And if Mr. Schultz taught us anything it was about the imperfection of people and even more importantly, he taught us that people could be lovable not in spite of their imperfections but because of their imperfections.  Charlie Brown, Lucy, Linus, the little red haired girl – were lovable because of their foibles and because of their imperfections.

Recently there have been a number of TV shows that reinforce this notion that imperfection is beautiful. Shows like Schitt’s Creek and Ted Lasso embrace the idea that their heroes are very imperfect people. We love Ted Lasso – not despite his imperfections – but because of them and what the other characters on the show come to realize is how much they have to learn from him because of these imperfections.

But back to Charlie Brown. Charles Schultz had one cartoon that I remember very vividly in which Lucy is talking to Charlie Brown and she says: “I have decided what I want to be when I grow up.” And Charlie says: “really? what is it?” And Lucy says: “when I get big, I have decided that I want to be a baseball umpire.” And Charley says to her: “what in the world makes you think that you would be a good baseball umpire?” And Lucy answers: “because I’m always right or at least I’m never wrong.”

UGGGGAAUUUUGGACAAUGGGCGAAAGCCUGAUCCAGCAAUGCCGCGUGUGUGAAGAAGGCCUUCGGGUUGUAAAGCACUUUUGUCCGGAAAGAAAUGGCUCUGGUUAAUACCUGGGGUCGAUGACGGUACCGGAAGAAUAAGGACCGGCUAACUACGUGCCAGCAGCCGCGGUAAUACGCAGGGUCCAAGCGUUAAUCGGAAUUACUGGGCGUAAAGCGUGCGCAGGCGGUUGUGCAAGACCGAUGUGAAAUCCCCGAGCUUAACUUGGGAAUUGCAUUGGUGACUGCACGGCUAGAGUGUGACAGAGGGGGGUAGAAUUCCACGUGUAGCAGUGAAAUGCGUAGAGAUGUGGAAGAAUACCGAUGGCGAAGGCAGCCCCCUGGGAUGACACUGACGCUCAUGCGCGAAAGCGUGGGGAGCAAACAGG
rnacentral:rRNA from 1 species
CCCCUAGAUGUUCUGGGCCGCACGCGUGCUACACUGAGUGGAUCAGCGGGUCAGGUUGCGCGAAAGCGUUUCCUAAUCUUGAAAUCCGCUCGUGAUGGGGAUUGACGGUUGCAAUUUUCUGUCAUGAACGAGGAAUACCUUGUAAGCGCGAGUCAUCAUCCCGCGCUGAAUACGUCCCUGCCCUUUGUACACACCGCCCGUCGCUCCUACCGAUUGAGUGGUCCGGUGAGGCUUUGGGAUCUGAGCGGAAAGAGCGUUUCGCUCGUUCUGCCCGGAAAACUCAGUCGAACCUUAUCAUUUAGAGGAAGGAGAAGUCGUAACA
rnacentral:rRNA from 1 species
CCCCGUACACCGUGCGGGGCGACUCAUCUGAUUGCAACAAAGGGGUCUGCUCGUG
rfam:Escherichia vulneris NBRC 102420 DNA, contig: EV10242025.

We all know people like Lucy?  As Will Rogers once said: isn’t it too bad that all the people who know all the answers to all of the country’s problems are all either barbers, next door neighbors or bartenders, and not presidents. There are a lot of people who go through life feeling as Lucy does: I should be an umpire because I am never wrong.

I hope there is no one like Lucy on your search committee and I hope you will not make a similar mistake in looking for friends, a life’s mate – or a rabbi. Rather than look for someone who is perfect, just like you. I hope you are looking for someone who is imperfect, just like you. Someone who, like Ted Lasso, is imperfect but has things to teach you and that you will learn together, be better together. Someone who has a chelek, a portion of God’s wisdom and who is willing and capable of sharing that chelek with you. Someone who is interested in your chelek – in the wisdom that God gave you and that by learning from each other and with each other you will be better and this community will be stronger.